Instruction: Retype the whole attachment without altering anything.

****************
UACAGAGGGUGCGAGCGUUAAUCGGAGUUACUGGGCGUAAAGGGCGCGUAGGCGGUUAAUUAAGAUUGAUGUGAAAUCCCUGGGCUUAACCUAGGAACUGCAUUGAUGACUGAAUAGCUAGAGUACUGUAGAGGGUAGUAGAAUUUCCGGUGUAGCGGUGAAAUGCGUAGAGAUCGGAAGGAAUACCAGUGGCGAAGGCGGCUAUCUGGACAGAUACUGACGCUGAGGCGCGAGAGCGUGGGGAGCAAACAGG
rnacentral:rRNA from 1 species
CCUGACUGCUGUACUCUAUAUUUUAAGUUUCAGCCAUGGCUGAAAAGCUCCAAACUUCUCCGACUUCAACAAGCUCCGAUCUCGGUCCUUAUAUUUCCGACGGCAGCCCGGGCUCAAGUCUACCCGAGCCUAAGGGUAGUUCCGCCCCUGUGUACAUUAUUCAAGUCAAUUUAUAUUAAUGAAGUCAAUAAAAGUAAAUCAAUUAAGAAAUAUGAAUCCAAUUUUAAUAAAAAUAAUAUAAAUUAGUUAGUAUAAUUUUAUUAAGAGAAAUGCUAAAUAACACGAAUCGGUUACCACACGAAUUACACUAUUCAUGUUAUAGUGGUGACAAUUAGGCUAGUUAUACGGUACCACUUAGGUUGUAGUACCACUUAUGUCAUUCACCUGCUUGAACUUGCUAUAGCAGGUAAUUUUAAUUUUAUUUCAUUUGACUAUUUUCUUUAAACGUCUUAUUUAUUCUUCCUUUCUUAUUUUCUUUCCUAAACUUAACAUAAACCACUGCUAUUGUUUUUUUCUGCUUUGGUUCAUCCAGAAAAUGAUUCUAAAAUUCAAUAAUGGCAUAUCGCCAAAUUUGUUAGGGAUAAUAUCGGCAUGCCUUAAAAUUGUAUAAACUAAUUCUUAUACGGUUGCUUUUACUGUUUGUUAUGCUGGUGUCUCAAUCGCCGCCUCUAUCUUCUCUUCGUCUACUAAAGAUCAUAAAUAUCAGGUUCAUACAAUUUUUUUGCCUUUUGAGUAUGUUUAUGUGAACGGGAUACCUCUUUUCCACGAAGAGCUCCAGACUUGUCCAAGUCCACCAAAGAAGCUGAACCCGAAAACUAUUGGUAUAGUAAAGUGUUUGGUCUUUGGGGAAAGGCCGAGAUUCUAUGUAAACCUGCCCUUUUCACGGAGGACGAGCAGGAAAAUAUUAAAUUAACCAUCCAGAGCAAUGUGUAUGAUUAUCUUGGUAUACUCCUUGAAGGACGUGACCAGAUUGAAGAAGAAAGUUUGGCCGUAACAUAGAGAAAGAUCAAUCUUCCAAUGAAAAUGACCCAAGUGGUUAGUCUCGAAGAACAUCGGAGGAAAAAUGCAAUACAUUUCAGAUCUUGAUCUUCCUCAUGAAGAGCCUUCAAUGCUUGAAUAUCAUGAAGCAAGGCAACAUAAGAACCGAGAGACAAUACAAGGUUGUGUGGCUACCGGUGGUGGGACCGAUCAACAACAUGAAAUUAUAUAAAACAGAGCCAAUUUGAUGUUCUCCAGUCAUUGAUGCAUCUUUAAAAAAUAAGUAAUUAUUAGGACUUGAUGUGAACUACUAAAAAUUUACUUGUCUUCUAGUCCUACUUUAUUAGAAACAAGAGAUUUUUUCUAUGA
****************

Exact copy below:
UACAGAGGGUGCGAGCGUUAAUCGGAGUUACUGGGCGUAAAGGGCGCGUAGGCGGUUAAUUAAGAUUGAUGUGAAAUCCCUGGGCUUAACCUAGGAACUGCAUUGAUGACUGAAUAGCUAGAGUACUGUAGAGGGUAGUAGAAUUUCCGGUGUAGCGGUGAAAUGCGUAGAGAUCGGAAGGAAUACCAGUGGCGAAGGCGGCUAUCUGGACAGAUACUGACGCUGAGGCGCGAGAGCGUGGGGAGCAAACAGG
rnacentral:rRNA from 1 species
CCUGACUGCUGUACUCUAUAUUUUAAGUUUCAGCCAUGGCUGAAAAGCUCCAAACUUCUCCGACUUCAACAAGCUCCGAUCUCGGUCCUUAUAUUUCCGACGGCAGCCCGGGCUCAAGUCUACCCGAGCCUAAGGGUAGUUCCGCCCCUGUGUACAUUAUUCAAGUCAAUUUAUAUUAAUGAAGUCAAUAAAAGUAAAUCAAUUAAGAAAUAUGAAUCCAAUUUUAAUAAAAAUAAUAUAAAUUAGUUAGUAUAAUUUUAUUAAGAGAAAUGCUAAAUAACACGAAUCGGUUACCACACGAAUUACACUAUUCAUGUUAUAGUGGUGACAAUUAGGCUAGUUAUACGGUACCACUUAGGUUGUAGUACCACUUAUGUCAUUCACCUGCUUGAACUUGCUAUAGCAGGUAAUUUUAAUUUUAUUUCAUUUGACUAUUUUCUUUAAACGUCUUAUUUAUUCUUCCUUUCUUAUUUUCUUUCCUAAACUUAACAUAAACCACUGCUAUUGUUUUUUUCUGCUUUGGUUCAUCCAGAAAAUGAUUCUAAAAUUCAAUAAUGGCAUAUCGCCAAAUUUGUUAGGGAUAAUAUCGGCAUGCCUUAAAAUUGUAUAAACUAAUUCUUAUACGGUUGCUUUUACUGUUUGUUAUGCUGGUGUCUCAAUCGCCGCCUCUAUCUUCUCUUCGUCUACUAAAGAUCAUAAAUAUCAGGUUCAUACAAUUUUUUUGCCUUUUGAGUAUGUUUAUGUGAACGGGAUACCUCUUUUCCACGAAGAGCUCCAGACUUGUCCAAGUCCACCAAAGAAGCUGAACCCGAAAACUAUUGGUAUAGUAAAGUGUUUGGUCUUUGGGGAAAGGCCGAGAUUCUAUGUAAACCUGCCCUUUUCACGGAGGACGAGCAGGAAAAUAUUAAAUUAACCAUCCAGAGCAAUGUGUAUGAUUAUCUUGGUAUACUCCUUGAAGGACGUGACCAGAUUGAAGAAGAAAGUUUGGCCGUAACAUAGAGAAAGAUCAAUCUUCCAAUGAAAAUGACCCAAGUGGUUAGUCUCGAAGAACAUCGGAGGAAAAAUGCAAUACAUUUCAGAUCUUGAUCUUCCUCAUGAAGAGCCUUCAAUGCUUGAAUAUCAUGAAGCAAGGCAACAUAAGAACCGAGAGACAAUACAAGGUUGUGUGGCUACCGGUGGUGGGACCGAUCAACAACAUGAAAUUAUAUAAAACAGAGCCAAUUUGAUGUUCUCCAGUCAUUGAUGCAUCUUUAAAAAAUAAGUAAUUAUUAGGACUUGAUGUGAACUACUAAAAAUUUACUUGUCUUCUAGUCCUACUUUAUUAGAAACAAGAGAUUUUUUCUAUGA